Are you thinking of ways to provide healthier meals to your family? Consider signing up for a CSA! It’s a terrific way to buy farm-fresh produce loaded with nutritious vitamins and minerals. If you want to learn more about the idea before you commit, here are some tips about finding a CSA box in your area.

What Is a CSA?

A selection of fresh vegetables at a local farmer's market.

Image via Flickr by Tracy Keller

Community Supported Agriculture (CSA) is when a farmer offers “shares” or boxes of food to the public. Typically it consists of fruits and vegetables and other products like honey or eggs. You buy a subscription for a share, and in return, you get a container of produce periodically throughout the growing season. Subscriptions are purchased weekly or for the entire year. In most cases, the harvester decides what produce goes into your box, but some CSA’s operate “market style” and allow members to decide for themselves.

The Benefits of Joining a CSA

For the last quarter-century, CSAs have increased in popularity since it’s a terrific way for people to buy seasonal food directly from the grower. This arrangement can be quite rewarding, offering benefits like:

  • Better nutritional quality: With a CSA, you get regular access to fresh food packed with flavor, vitamins, and minerals. Most produce in a CSA box is harvested the same day. Plus, some farms are organically certified, and most steer clear of GMOs.
  • More affordable organic shopping: While your membership may be more expensive than buying that cucumber at the grocery store, if you tend to buy organic produce or shop at health food outlets, you could cut down on costs by joining a CSA. Also, harvesters offer deals on end-of-season bulk produce, which is the perfect time to stock up your freezer.
  • Improved healthy eating habits: America’s children are facing a health crisis like never before. As many as 57% of kids will face obesity by the time they reach their mid-30s. When you stock your fridge with healthy options, everyone in the family is less likely to indulge in high-calorie snacks. When you teach your kiddos healthy habits that will last a lifetime.
  • Knowing where your meals come from: In today’s society, we’ve become less connected to our food sources, and knowing who’s growing it is important. With a membership, you can develop a relationship with your farmer, and you and the kids can even visit and tour the fields. Some growers even encourage their members to volunteer from time to time.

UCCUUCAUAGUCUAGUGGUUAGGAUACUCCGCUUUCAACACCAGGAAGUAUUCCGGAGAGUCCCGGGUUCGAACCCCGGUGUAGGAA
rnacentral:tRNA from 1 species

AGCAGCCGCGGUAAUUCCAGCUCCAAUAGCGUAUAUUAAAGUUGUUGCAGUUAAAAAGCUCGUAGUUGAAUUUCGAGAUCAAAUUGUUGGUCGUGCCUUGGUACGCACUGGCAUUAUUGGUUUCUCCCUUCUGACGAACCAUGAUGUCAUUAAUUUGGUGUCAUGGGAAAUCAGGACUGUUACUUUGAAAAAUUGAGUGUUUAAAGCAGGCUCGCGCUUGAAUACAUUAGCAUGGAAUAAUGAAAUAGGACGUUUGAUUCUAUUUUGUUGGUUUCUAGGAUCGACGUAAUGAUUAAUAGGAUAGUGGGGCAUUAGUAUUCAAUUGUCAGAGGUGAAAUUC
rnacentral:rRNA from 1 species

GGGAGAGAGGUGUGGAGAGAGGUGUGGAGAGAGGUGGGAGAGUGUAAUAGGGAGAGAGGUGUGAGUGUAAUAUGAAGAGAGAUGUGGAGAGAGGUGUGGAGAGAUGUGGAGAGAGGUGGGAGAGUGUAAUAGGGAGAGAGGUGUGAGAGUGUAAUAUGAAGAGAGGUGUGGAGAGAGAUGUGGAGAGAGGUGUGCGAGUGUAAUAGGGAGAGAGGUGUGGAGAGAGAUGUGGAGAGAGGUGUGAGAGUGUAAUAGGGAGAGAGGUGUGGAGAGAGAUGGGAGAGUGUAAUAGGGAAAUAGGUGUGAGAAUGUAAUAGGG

How Can You Find a CSA in Your Neighborhood?

There are many online resources you can use to find a CSA in your area, including:

  • Local HarvestThis site offers the most comprehensive directory of real food providers all over the country. It touts over 4,000 listings and is considered the best source for finding locally grown produce, meat, and eggs by users.
  • U.S. Department of Agriculture: This government website has a Local Food Directory page for CSAs. All you have to do is put in your zip code and an inventory of local CSA’s pops up. You can also consult their directory for markets and other local food resources, too.
  • Farmshares.InfoThis online directory allows you to search for CSAs all around Colorado as well as Wyoming, Utah, and Idaho.

In addition to these online resources, consider visiting your local farmers market to speak to produce vendors there about any CSA subscriptions they might be offering or any they may know of.

Is CSA Right for Your Family?

While looking for your new CSA, remember that it’s essential to find one that fits your family’s financial and nutritional goals. Here are several points to consider when choosing a CSA for your family:

  • Cost: Depending on the grower’s policy, you can pay weekly, in full, or in installments throughout the season. Prices can range from as low as $12 per week, up to $50, and the cost is usually non-refundable. Some people believe that it’s less expensive to purchase your products at the supermarket, but that’s not always true. Keep your receipts and take an honest look at how much you’re spending each month and make sure your budget has room to prepay for your goodies.
  • Unpredictability: You may not always know what you’re going to get in your share, making meal planning a bit more complicated. Most CSAs allow you to switch out certain items, particularly if you have food allergies. Your “normal” fruits and vegetables, like carrots, apples, and potatoes, will likely be gobbled up quickly. However, your family may not be able to use a pound of mushrooms, leeks, or other veggies you don’t eat often. If a box is too unpredictable for you, a CSA might not be the right fit for you.
  • Creativity: The spontaneity of each unique box may help you introduce new and exciting recipes into your family’s diet. If you don’t get to decide what’s in it, all the better — you have move out of the same old dinners and get creative in the kitchen. Some CSA groups send out emails that include a list of inventory, as well as a few recipes utilizing in-season ingredients they’re including in your box. Just make sure that you and your family, including particularly picky eaters, will try what they give you.
  • Convenience: Some CSA farmers deliver, while most require you to pick up your share. Some offer flexible hours, while many don’t. For some families, though, stopping by the farm and picking up a box that’s ready to go might even be more convenient than walking around the grocery store. If you enjoy spending time in the grocery store’s produce department, squeezing and sniffing your choices on the shelf, then a less-frequent CSA box might be better.

There you go! Creme de la Creme of Lone Tree, Colorado, just provided you with tons of information about CSAs. What do you think? Is this a program you want to try? If you have any questions or if we missed anything, we’d love to know.